Low waste gift wrapping ideas

Colorful paper and fabric wrap by the brand Unwrp

At Celsious we're not only all about laundry, we're also all about low waste living!

Leaving gifts unwrapped can be a tough ask because 1) people love the suspense and mystery of a wrapped gift, and 2) your family members—especially the little ones—might expect it. Here are six ways you can keep the tradition alive while reducing the amount of waste involved:

🎁 Use what you have

Before you buy new rolls of gift wrap, take a look around to see what you already have. There's probably half a roll of this or a quarter roll of that lying around in some forgotten closet corner. These leftovers might not go together perfectly, but that shouldn't stop you from trying to use every last bit!

🎁 Exercise care (don't tear)

It can feel really exciting to tear open a gift. But taking your time to unwrap slowly and carefully means you'll be able to reuse the wrapping paper again (and again).

🎁 Stay neutral

Choose wrapping paper that isn't holiday specific so that you can reach for it throughout the year, on any occasion. Consider neutral colors and patterns that are versatile!

🎁 Pay close attention

Watch out for elements that make wrapping paper not recyclable such as glitter, sequins and plastic ribbons. Opt instead to buy recyclable paper and twine or ribbon made of natural materials.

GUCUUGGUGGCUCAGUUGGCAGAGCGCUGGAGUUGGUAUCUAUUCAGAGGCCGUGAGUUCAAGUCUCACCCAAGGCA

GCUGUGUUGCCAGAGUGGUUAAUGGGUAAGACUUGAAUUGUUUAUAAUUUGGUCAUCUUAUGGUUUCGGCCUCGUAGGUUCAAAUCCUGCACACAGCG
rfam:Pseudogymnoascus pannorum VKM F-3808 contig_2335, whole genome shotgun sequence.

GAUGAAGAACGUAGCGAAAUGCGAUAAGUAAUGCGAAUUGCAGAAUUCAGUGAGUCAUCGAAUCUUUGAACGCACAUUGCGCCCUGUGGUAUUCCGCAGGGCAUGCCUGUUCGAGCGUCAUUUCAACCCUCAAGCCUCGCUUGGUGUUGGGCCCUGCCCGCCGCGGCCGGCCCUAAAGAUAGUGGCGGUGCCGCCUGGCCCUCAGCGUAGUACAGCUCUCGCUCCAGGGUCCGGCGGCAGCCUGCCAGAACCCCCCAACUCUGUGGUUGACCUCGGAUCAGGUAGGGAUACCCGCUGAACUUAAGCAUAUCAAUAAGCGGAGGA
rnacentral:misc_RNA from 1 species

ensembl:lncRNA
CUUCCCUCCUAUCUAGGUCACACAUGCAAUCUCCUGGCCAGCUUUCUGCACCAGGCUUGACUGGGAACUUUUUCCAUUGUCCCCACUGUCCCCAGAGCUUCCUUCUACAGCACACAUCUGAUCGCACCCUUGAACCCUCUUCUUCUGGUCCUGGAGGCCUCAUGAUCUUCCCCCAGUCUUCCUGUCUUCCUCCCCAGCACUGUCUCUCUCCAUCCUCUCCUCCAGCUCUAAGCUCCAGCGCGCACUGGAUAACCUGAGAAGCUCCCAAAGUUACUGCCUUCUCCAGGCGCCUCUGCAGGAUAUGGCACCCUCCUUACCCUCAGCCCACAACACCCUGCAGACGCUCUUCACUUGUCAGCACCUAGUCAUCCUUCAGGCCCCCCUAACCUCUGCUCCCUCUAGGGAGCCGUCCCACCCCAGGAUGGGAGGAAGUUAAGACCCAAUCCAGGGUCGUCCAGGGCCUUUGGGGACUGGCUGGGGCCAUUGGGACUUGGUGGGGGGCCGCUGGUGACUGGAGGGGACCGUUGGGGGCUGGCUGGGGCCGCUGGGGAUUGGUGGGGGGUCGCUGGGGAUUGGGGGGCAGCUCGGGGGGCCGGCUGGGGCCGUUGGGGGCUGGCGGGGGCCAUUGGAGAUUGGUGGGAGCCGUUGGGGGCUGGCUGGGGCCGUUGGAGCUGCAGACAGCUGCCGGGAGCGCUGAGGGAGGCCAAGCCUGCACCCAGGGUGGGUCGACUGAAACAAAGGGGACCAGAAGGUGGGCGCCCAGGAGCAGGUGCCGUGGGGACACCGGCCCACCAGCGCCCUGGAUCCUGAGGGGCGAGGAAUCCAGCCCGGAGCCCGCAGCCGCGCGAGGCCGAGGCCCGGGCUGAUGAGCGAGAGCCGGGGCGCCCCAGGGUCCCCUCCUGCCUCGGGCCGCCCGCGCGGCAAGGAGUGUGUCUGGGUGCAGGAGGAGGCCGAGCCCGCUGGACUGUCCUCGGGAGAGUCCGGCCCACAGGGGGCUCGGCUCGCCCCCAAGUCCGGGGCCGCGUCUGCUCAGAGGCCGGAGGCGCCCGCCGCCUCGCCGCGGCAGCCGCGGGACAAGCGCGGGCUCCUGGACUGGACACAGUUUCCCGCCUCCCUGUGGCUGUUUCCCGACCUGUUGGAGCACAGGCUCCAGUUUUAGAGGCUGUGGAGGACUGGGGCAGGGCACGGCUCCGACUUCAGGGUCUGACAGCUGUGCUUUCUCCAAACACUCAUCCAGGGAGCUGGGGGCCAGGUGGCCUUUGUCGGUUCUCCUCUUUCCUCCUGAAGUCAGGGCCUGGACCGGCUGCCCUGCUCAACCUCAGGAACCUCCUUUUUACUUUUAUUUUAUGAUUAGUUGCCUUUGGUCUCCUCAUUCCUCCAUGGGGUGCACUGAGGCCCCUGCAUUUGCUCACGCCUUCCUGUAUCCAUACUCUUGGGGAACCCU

🎁 Get creative & resourceful

There are many things that can be used to wrap! Think: paper grocery bags, magazine pages, scarves, bandannas, handkerchiefs and other types of fabric. The brand Unwrp has cute and colorful reusable fabric wrap that we love!

For more fabric wrapping ideas, look up "furoshiki" on Google or Pinterest, which is what inspired Unwrp's fabric wraps. These traditional Japanese wrapping cloths are used to transport goods, and you'll love the myriad of ways a simple cloth can be tied into something beautiful and functional.

🎁 Don't overthink it!

Last, but not least: keep in mind that it's the intention behind the gift that's the most important, not the way it looks on the outside. 😉


Text by Mutia Adisoma
Photo courtesy of Unwrp

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